For these, the path goes through introducing conflict of interest assessment mechanisms and ethical codes that are complied with by the institutions, transposing the European directive on the protection of those who denounce corruption, approving a new law on transparency, a new law on lobbying and a new conflict of interest law, among many other measures.

In short, there is a lot of work ahead.

"But all this must be put into operation correctly. In Spain, unfortunately, we tend to make laws that are not fully complied with or that are so broad that they can be breached without anything happening, and we cannot continue like this," says Villoria.

Transparency meets respect for human rights in the rest of the world

In the rest of the world, issues such as the transparency of institutions are increasingly linked to human rights.

In this sense, the pandemic represented an opportunity for many governments to get closer to the people and resume the path of good governance. Judging by the results obtained by most of the countries in the index, this is clearly a wasted opportunity.

Instead of making efficient and effective efforts to combat the coronavirus, many senior officials have dedicated themselves to taking advantage of the lack of supplies of materials and vaccines to do business and to put themselves and their friends at the top of the lists. of vaccination.

Pure and simple corruption, in other words.

To this has been added the political corruption of a lifetime.

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In Spain, for example, in 2012 Sareb, the so-called "bad bank", issued debt worth more than 50,000 million euros to rescue the toxic real estate assets of the banks affected by the crisis.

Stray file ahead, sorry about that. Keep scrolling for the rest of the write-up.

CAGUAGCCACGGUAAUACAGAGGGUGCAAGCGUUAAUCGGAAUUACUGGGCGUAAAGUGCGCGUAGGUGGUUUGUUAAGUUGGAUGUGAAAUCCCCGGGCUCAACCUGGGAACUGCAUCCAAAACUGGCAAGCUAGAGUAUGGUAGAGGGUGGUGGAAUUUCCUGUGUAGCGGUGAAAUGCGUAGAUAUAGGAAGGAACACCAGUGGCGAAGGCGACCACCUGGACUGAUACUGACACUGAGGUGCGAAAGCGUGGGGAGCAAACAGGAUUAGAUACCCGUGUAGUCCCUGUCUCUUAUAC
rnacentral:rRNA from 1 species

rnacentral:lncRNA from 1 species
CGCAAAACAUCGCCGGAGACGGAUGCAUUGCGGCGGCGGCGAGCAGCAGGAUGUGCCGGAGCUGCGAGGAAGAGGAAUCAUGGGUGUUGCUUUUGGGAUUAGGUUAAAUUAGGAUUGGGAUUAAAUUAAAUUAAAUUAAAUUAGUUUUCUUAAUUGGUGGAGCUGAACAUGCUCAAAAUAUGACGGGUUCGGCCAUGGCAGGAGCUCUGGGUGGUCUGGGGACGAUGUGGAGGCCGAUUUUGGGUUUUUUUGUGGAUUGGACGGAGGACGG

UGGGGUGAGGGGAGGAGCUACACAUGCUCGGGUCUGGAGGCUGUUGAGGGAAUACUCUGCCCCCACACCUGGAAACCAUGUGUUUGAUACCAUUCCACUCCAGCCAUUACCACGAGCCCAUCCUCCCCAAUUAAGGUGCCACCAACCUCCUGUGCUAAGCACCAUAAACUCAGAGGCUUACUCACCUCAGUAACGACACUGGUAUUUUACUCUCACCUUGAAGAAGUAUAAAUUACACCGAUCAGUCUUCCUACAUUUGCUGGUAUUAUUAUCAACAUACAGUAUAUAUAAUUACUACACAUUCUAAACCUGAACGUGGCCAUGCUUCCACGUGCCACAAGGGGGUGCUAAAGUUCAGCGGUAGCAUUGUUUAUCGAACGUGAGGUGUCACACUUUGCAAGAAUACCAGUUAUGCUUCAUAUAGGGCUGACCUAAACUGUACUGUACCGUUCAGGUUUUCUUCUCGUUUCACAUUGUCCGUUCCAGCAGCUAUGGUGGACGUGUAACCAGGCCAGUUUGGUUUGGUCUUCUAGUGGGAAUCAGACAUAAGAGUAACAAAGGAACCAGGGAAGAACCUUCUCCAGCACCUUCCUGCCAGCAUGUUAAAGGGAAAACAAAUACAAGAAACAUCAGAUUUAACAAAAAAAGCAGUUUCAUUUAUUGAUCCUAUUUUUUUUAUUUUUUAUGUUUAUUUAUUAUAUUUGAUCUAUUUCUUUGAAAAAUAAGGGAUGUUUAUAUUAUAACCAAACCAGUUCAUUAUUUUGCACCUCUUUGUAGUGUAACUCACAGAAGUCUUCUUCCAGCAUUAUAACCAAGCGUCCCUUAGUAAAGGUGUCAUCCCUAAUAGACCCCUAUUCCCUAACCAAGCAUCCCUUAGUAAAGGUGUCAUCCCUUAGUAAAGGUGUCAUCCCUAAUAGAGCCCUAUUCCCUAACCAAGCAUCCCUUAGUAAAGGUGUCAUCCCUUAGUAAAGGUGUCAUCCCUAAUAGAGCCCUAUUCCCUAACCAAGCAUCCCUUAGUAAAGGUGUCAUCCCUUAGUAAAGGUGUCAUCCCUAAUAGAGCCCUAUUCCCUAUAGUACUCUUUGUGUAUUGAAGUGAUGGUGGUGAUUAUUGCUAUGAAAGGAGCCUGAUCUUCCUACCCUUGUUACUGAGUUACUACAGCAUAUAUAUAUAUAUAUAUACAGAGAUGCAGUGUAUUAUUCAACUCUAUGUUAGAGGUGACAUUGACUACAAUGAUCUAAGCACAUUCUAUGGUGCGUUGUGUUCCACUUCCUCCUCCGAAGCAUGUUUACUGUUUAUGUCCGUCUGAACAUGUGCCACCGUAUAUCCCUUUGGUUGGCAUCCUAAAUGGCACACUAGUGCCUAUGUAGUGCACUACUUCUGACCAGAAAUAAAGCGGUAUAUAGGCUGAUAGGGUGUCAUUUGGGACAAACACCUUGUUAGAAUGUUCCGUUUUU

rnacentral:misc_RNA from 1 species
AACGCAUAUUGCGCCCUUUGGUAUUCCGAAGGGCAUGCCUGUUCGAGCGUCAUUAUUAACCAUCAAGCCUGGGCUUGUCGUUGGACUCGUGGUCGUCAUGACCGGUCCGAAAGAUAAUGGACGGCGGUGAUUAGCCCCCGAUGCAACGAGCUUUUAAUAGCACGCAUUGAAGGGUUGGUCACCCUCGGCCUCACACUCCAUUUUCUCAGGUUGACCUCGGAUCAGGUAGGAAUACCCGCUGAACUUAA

Of those 50,000 million, more than 30,000 million still have to be returned, according to what appears on Sareb's own website.

"Sareb has to return many billions of euros to Europe as a result of the inappropriate activity of the banks. Is it a capture of policies? I don't know, but it is very close. There has also been clientelism in the Court of Auditors and in the Constitutional Court, where some parties have agreed on certain appointments", recalled Villoria.

Of the 23 countries whose scores have dropped significantly since 2012, 19 have also lost points on civil liberties.

Furthermore, of the 331 recorded cases of killings of human rights defenders in 2020, 98% occurred in countries with ratings below 45 points.

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A paradigmatic example of this is the Philippines. With a score of 33, the country continues the slide that began in 2014, the year its president Rodrigo Duterte was elected and began cracking down on freedom of association and expression while assassinating opposition leaders.

Since its creation in 1995, the Corruption Perceptions Index has become one of the main indicators of corruption in the public sector.

This rates 180 countries and territories around the world according to the perception of existing corruption in their public sector through data from 13 external sources, including the World Bank, the World Economic Forum, private companies specialized in risk analysis, firms consultancy and expert committees.